We showed that the area of lobules VI-VII and the depth of intercrural fissure which divide lobule VI and VII were decreased in the CAPS2Δex3/Δex3 cerebellum. BDNF and NT-3 KO mice also show a lobulation deficit between lobules VI and VII , . Katoh-Semba and her colleagues showed a higher concentration of NT-3 in posterior lobules than in anterior lobules, and that depletion of NT-3 from the mouse brain causes an increase in granule cell apoptosis within lobules VI-VII , suggesting that the requirement of neurotrophins for granule cell survival seems to be different between cerebellar lobules. In this regard, it is noteworthy that there are localized high BDNF protein levels in lobules VI-VII and localized high NT-3 mRNA levels in lobules VI-VII during development . Taken together, these results suggest that lobules VI-VII express more BDNF and NT-3 than do the other cerebellar compartments during development; thus, these lobules are more susceptible to the effects of depletion of these neurotrophins.
PF-PC synapse function of CAPS2Δex3/Δex3 cerebellum
We found the degree of PPF at PF-PC synapses was lower in CAPS2Δex3/Δex3 mice, which seemed to be consistent in understanding a role of CAPS2 in PFs, because similar results were obtained in CAPS2 KO mice (Sadakata et al., 2007a). In addition, a concomitant decrease in PPF during enhancement of evoked EPSCs is generally accepted to be a strong indication for presynaptic modifications of synaptic transmission. BDNF KO mice is known to show impaired PPF at PF-PC synapses together with increased vesicle number per synapse . In this regard, it is interesting the number of synaptic vesicle far from the active zone tended to be larger in CAPS2Δex3/Δex3 PF terminal. It is probable that decrease PPF of CAPS2Δex3/Δex3 mice depends on the change of synaptic vesicle distribution by decreased BDNF release.
The possible effect of CAPS2-dex3 copy number
The amount of BDNF released into the culture media was barely detectable, even when BDNF was exogenously transfected. Therefore, to compare BDNF release levels between wild-type and CAPS2Δex3/Δex3 cultures, we evaluated the immunolabeling intensities of endogenous BDNF incorporated into target Purkinje cell bodies using confocal microscopy. In Fig. 4G, CAPS2Δex3/Δex3 cultures showed a decrease in endogenous BDNF uptake into Purkinje neurons. Correspondingly, as shown in Fig. 4H, there was an increase in BDNF levels in their lysates, where most of the BDNF was likely derived from granule cells. In comparison, CAPS2+/Δex3 cultures showed a decrease in endogenous BDNF uptake into Purkinje neurons, while there was no difference in BDNF levels in their lysates. With the available data, it is difficult to make definitive statements on BDNF dynamics in the different cultures, because one must consider multiple factors; i.e., BDNF produced and transported in granule cells, that released from granule cells, and that internalized by endocytosis into Purkinje cells via binding to TrkB receptors. In addition, a change in BDNF-TrkB signaling may affect the normal development and function of Purkinje cells and granule cells, even in CAPS2+/Δex3 animals. It is possible that there is a decrease in BDNF receptors in CAPS2+/Δex3 Purkinje cells compared with wild-type Purkinje cells. The effect of CAPS2-dex3 copy number on BDNF production, trafficking, release and endocytosis remain to be elucidated in future studies.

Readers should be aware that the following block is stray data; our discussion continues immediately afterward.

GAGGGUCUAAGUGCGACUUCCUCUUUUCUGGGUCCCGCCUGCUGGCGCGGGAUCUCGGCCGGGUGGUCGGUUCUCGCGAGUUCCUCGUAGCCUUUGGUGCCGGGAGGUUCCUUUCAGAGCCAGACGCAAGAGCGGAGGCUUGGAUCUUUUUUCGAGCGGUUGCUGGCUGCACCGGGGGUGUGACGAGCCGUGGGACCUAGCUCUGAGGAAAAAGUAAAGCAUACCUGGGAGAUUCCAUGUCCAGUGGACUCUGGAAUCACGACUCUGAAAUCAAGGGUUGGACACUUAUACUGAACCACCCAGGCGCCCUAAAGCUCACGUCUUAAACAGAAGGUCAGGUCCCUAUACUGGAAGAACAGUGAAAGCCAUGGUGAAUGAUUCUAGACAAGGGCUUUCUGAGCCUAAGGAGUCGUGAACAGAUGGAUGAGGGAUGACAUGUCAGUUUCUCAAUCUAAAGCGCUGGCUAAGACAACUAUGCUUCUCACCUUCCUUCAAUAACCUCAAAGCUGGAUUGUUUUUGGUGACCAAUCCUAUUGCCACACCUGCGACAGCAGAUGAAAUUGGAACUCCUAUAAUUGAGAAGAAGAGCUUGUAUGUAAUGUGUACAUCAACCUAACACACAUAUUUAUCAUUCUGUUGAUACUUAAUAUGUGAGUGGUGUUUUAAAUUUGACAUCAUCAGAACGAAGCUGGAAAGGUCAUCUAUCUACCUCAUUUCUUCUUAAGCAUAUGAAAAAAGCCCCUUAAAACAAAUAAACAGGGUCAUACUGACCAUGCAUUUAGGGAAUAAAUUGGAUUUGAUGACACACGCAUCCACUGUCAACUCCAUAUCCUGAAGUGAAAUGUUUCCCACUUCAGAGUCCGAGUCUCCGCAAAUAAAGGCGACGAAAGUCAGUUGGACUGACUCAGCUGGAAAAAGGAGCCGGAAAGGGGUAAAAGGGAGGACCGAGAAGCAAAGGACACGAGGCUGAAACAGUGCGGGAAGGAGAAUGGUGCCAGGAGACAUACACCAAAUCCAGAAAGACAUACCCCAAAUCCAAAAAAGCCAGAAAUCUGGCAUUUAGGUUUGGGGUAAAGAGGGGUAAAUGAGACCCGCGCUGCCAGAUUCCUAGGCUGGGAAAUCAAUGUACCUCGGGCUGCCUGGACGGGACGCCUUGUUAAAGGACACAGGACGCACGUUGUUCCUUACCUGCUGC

CAPS2 gene disruption and autistic phenotypes
In this report, we focused on the cerebellar phenotypes of CAPS2Δex3/Δex3 mice and found that CAPS2Δex3/Δex3 mice show the cerebellar phenotypes described above. Some of these phenotypes are similar with those observed in autistic patients. Abnormal reduction in lobules VI and VII of the cerebellar vermis is a characteristic morphological deficit reported in the brains of autistic patients , and hypoplasia of these lobules was also suggested to relate the abnormal exploratory behavior of autism . It is of interest that decreased PPF was also shown in a mouse model of Rett syndrome , which is considered to be an autistic spectrum disorder. Taken together, our findings are suggestive of an association of the increased exon 3 splicing of CAPS2 in the cerebellar deficits of autistic patients.
Conceived and designed the experiments: TS TF. Performed the experiments: TS WK Y. Shinoda MH RKS Y. Sekine Y. Sato CS. Analyzed the data: TS WK Y. Shinoda RKS Y. Sato YI MY MK. Wrote the paper: TS WK TF.